Many investors in small companies are generally aware that company directors owe shareholders “fiduciary duties,” which they expect will protect their rights. (I discuss them in my ebook, and in my discussion of a 2013 decision). That’s true as far as it goes, but investors need to remember that these duties can be clarified by state statutes that expand or reduce their traditional meaning, and can be over-ridden by a company’s shareholders agreement. The influential Delaware Supreme Court issued a decision late last month, confirming that a plaintiff had bargained away her rights. Here’s a summary of the case:
Blaustein v. Lord Baltimore Capital Corporation (Delaware Supreme Court, 1/21/14)
In 1999, Susan Blaustein purchased 15% of a closely-held Delaware corporation, Lord Baltimore Capital Corporation. Her sister Jeanne also bought 15%; the remaining 70% was held by members of the Thalheimer family led by Louis Thalheimer (all descend from founders of Amoco).
Susan would later claim that Louis made her oral promises of “significant regular and substantial dividend distributions,” and the right to sell her shares for their full pro rata value after ten years. However, she also signed the corporation’s Shareholder Agreement, including the following provision about sales:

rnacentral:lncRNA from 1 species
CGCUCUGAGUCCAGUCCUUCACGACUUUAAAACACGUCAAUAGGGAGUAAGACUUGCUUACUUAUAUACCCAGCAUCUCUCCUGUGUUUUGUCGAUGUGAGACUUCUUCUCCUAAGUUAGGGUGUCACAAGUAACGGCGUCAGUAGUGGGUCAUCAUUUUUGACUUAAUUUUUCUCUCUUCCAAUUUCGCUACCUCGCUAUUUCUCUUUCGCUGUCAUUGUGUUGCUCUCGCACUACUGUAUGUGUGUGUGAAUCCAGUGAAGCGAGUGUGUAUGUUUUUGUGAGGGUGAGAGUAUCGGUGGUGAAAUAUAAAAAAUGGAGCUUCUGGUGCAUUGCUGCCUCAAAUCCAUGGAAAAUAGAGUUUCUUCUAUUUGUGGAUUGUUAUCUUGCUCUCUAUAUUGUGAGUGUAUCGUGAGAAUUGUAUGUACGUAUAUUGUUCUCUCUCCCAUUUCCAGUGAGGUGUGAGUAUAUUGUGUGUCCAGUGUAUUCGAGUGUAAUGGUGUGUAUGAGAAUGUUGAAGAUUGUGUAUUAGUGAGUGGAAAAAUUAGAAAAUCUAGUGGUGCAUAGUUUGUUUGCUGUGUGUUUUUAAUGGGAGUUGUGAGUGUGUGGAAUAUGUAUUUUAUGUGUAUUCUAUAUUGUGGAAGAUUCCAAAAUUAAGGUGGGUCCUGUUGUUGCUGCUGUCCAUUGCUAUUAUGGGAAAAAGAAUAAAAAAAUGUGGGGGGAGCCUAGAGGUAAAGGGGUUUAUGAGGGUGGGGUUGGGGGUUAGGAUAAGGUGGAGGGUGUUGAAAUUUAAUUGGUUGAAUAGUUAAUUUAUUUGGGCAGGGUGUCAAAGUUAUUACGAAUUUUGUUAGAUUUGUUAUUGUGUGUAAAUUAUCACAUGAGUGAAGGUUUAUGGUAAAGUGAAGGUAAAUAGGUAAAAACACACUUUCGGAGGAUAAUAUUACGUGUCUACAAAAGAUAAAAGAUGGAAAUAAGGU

Section 7(d). Notwithstanding any other provision of this Agreement, the Company may repurchase Shares upon terms and conditions agreeable to the Company and the Shareholder who owns the Shares to be repurchased provided that the repurchase is approved either (i) by a majority, being at least four, of all of the Directors of the Company then authorized (regardless of the number attending the meeting of the Board of Directors) at a duly called meeting of the Board of Directors or (ii) in writing by Shareholders who, in the aggregate, own of record or beneficially 70% or more of all Shares then issued and outstanding.
The Blausteins gained the right to appoint three directors, and the Thalheimers the other four. With these votes, unanimity among the Thalheimers would prevent a sale.
After 1999, the company, under Louis’ direction, made a series of illiquid long-term investments that prevented substantial dividends. Susan began attempts to sell her shares in 2001, leading Louis to offer for the company to buy her shares for 52% of their pro rata value. He claimed the substantial discount was necessary to offset “investment dislocation” costs necessary to raise funds to make the purchase. Susan refused, but reopened discussions in 2009, after she had held her shares for a full ten years.
Louis again offered for the company to buy Susan’s shares for 52% of their pro rata value. After further negotiations, during which the board of directors was briefed on the matter but never voted, Susan sued claiming his offer breached his oral promises, and that the company board violated its fiduciary duty of loyalty (i.e., to act in good faith and with fair dealing) to her as a shareholder. The board later formally rejected her counter-offers along a family-line vote with four against, but Susan amended her claim to allege that this belated vote was a sham.